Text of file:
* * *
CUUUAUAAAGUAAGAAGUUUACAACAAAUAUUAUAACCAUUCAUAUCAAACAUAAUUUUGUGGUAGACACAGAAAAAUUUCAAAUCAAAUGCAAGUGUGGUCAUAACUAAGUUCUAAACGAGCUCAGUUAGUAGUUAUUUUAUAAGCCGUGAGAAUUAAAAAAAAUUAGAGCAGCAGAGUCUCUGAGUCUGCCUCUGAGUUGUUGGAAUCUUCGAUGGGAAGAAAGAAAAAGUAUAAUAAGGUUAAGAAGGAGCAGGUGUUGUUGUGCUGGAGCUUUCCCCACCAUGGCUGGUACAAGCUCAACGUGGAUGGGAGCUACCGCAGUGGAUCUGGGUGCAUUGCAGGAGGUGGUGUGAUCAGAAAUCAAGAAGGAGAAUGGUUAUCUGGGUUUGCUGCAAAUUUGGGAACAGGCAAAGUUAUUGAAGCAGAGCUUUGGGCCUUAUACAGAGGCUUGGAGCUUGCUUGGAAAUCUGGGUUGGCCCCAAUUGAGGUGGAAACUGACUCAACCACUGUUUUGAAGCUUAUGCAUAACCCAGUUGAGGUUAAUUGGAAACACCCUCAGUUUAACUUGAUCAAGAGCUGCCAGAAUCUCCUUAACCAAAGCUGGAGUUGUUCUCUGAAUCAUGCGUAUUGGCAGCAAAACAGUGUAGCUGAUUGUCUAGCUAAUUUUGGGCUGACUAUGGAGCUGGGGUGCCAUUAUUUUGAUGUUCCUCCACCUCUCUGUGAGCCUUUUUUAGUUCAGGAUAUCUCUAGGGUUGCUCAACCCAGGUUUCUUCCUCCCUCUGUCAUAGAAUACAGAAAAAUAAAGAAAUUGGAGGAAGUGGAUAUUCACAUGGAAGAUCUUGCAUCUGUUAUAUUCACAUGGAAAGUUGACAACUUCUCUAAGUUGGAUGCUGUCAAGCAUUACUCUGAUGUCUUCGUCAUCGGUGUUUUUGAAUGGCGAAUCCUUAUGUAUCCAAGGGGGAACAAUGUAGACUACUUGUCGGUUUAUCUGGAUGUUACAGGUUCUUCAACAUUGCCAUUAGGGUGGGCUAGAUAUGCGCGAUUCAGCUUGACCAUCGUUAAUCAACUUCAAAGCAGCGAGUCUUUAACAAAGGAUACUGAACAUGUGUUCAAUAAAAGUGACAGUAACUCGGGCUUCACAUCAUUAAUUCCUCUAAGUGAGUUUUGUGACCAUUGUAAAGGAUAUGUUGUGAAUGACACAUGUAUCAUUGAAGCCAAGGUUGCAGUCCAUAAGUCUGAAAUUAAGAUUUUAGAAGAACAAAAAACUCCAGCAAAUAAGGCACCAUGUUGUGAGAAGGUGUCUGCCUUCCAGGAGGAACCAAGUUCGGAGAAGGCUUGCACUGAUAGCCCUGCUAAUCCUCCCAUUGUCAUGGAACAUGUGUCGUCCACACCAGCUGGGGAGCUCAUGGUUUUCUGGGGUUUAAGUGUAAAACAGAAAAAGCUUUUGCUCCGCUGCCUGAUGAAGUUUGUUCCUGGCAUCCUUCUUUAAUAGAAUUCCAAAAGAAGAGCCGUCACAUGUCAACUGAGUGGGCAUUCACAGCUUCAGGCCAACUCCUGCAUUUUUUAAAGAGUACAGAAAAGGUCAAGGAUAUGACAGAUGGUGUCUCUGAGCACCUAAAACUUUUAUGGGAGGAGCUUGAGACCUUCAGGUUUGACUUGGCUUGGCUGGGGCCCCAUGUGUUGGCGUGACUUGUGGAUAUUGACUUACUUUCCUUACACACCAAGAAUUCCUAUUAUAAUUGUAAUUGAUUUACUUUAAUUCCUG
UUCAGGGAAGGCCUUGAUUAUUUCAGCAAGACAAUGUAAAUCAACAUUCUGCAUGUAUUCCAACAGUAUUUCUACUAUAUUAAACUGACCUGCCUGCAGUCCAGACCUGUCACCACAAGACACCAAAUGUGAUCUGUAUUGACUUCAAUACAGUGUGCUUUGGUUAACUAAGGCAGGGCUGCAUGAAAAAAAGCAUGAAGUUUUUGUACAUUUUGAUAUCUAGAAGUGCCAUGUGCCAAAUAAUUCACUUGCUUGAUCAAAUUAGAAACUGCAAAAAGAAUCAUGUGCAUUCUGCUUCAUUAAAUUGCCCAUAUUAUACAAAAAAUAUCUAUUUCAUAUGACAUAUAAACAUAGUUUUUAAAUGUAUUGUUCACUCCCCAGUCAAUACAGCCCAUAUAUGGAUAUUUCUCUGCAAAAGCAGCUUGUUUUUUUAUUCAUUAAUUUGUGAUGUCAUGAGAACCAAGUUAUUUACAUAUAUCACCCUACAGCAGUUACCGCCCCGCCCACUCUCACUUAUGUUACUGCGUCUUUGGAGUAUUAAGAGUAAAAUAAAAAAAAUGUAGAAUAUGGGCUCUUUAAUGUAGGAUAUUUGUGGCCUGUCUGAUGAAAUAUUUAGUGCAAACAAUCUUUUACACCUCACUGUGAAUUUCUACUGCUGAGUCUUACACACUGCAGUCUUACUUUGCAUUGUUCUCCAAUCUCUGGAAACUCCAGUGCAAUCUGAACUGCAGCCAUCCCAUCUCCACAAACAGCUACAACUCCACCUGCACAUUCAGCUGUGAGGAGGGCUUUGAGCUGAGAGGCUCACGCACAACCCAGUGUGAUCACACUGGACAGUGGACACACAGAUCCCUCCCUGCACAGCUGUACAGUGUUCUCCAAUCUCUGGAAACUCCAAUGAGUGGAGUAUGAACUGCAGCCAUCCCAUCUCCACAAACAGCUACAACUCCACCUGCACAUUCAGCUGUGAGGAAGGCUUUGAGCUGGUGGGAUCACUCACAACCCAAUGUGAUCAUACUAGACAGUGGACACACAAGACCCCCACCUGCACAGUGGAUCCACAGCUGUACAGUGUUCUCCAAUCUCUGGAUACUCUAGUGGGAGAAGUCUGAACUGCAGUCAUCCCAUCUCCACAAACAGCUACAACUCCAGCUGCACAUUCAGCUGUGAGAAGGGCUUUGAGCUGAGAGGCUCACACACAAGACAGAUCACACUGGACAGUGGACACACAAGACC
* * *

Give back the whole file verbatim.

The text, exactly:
CUUUAUAAAGUAAGAAGUUUACAACAAAUAUUAUAACCAUUCAUAUCAAACAUAAUUUUGUGGUAGACACAGAAAAAUUUCAAAUCAAAUGCAAGUGUGGUCAUAACUAAGUUCUAAACGAGCUCAGUUAGUAGUUAUUUUAUAAGCCGUGAGAAUUAAAAAAAAUUAGAGCAGCAGAGUCUCUGAGUCUGCCUCUGAGUUGUUGGAAUCUUCGAUGGGAAGAAAGAAAAAGUAUAAUAAGGUUAAGAAGGAGCAGGUGUUGUUGUGCUGGAGCUUUCCCCACCAUGGCUGGUACAAGCUCAACGUGGAUGGGAGCUACCGCAGUGGAUCUGGGUGCAUUGCAGGAGGUGGUGUGAUCAGAAAUCAAGAAGGAGAAUGGUUAUCUGGGUUUGCUGCAAAUUUGGGAACAGGCAAAGUUAUUGAAGCAGAGCUUUGGGCCUUAUACAGAGGCUUGGAGCUUGCUUGGAAAUCUGGGUUGGCCCCAAUUGAGGUGGAAACUGACUCAACCACUGUUUUGAAGCUUAUGCAUAACCCAGUUGAGGUUAAUUGGAAACACCCUCAGUUUAACUUGAUCAAGAGCUGCCAGAAUCUCCUUAACCAAAGCUGGAGUUGUUCUCUGAAUCAUGCGUAUUGGCAGCAAAACAGUGUAGCUGAUUGUCUAGCUAAUUUUGGGCUGACUAUGGAGCUGGGGUGCCAUUAUUUUGAUGUUCCUCCACCUCUCUGUGAGCCUUUUUUAGUUCAGGAUAUCUCUAGGGUUGCUCAACCCAGGUUUCUUCCUCCCUCUGUCAUAGAAUACAGAAAAAUAAAGAAAUUGGAGGAAGUGGAUAUUCACAUGGAAGAUCUUGCAUCUGUUAUAUUCACAUGGAAAGUUGACAACUUCUCUAAGUUGGAUGCUGUCAAGCAUUACUCUGAUGUCUUCGUCAUCGGUGUUUUUGAAUGGCGAAUCCUUAUGUAUCCAAGGGGGAACAAUGUAGACUACUUGUCGGUUUAUCUGGAUGUUACAGGUUCUUCAACAUUGCCAUUAGGGUGGGCUAGAUAUGCGCGAUUCAGCUUGACCAUCGUUAAUCAACUUCAAAGCAGCGAGUCUUUAACAAAGGAUACUGAACAUGUGUUCAAUAAAAGUGACAGUAACUCGGGCUUCACAUCAUUAAUUCCUCUAAGUGAGUUUUGUGACCAUUGUAAAGGAUAUGUUGUGAAUGACACAUGUAUCAUUGAAGCCAAGGUUGCAGUCCAUAAGUCUGAAAUUAAGAUUUUAGAAGAACAAAAAACUCCAGCAAAUAAGGCACCAUGUUGUGAGAAGGUGUCUGCCUUCCAGGAGGAACCAAGUUCGGAGAAGGCUUGCACUGAUAGCCCUGCUAAUCCUCCCAUUGUCAUGGAACAUGUGUCGUCCACACCAGCUGGGGAGCUCAUGGUUUUCUGGGGUUUAAGUGUAAAACAGAAAAAGCUUUUGCUCCGCUGCCUGAUGAAGUUUGUUCCUGGCAUCCUUCUUUAAUAGAAUUCCAAAAGAAGAGCCGUCACAUGUCAACUGAGUGGGCAUUCACAGCUUCAGGCCAACUCCUGCAUUUUUUAAAGAGUACAGAAAAGGUCAAGGAUAUGACAGAUGGUGUCUCUGAGCACCUAAAACUUUUAUGGGAGGAGCUUGAGACCUUCAGGUUUGACUUGGCUUGGCUGGGGCCCCAUGUGUUGGCGUGACUUGUGGAUAUUGACUUACUUUCCUUACACACCAAGAAUUCCUAUUAUAAUUGUAAUUGAUUUACUUUAAUUCCUG
UUCAGGGAAGGCCUUGAUUAUUUCAGCAAGACAAUGUAAAUCAACAUUCUGCAUGUAUUCCAACAGUAUUUCUACUAUAUUAAACUGACCUGCCUGCAGUCCAGACCUGUCACCACAAGACACCAAAUGUGAUCUGUAUUGACUUCAAUACAGUGUGCUUUGGUUAACUAAGGCAGGGCUGCAUGAAAAAAAGCAUGAAGUUUUUGUACAUUUUGAUAUCUAGAAGUGCCAUGUGCCAAAUAAUUCACUUGCUUGAUCAAAUUAGAAACUGCAAAAAGAAUCAUGUGCAUUCUGCUUCAUUAAAUUGCCCAUAUUAUACAAAAAAUAUCUAUUUCAUAUGACAUAUAAACAUAGUUUUUAAAUGUAUUGUUCACUCCCCAGUCAAUACAGCCCAUAUAUGGAUAUUUCUCUGCAAAAGCAGCUUGUUUUUUUAUUCAUUAAUUUGUGAUGUCAUGAGAACCAAGUUAUUUACAUAUAUCACCCUACAGCAGUUACCGCCCCGCCCACUCUCACUUAUGUUACUGCGUCUUUGGAGUAUUAAGAGUAAAAUAAAAAAAAUGUAGAAUAUGGGCUCUUUAAUGUAGGAUAUUUGUGGCCUGUCUGAUGAAAUAUUUAGUGCAAACAAUCUUUUACACCUCACUGUGAAUUUCUACUGCUGAGUCUUACACACUGCAGUCUUACUUUGCAUUGUUCUCCAAUCUCUGGAAACUCCAGUGCAAUCUGAACUGCAGCCAUCCCAUCUCCACAAACAGCUACAACUCCACCUGCACAUUCAGCUGUGAGGAGGGCUUUGAGCUGAGAGGCUCACGCACAACCCAGUGUGAUCACACUGGACAGUGGACACACAGAUCCCUCCCUGCACAGCUGUACAGUGUUCUCCAAUCUCUGGAAACUCCAAUGAGUGGAGUAUGAACUGCAGCCAUCCCAUCUCCACAAACAGCUACAACUCCACCUGCACAUUCAGCUGUGAGGAAGGCUUUGAGCUGGUGGGAUCACUCACAACCCAAUGUGAUCAUACUAGACAGUGGACACACAAGACCCCCACCUGCACAGUGGAUCCACAGCUGUACAGUGUUCUCCAAUCUCUGGAUACUCUAGUGGGAGAAGUCUGAACUGCAGUCAUCCCAUCUCCACAAACAGCUACAACUCCAGCUGCACAUUCAGCUGUGAGAAGGGCUUUGAGCUGAGAGGCUCACACACAAGACAGAUCACACUGGACAGUGGACACACAAGACC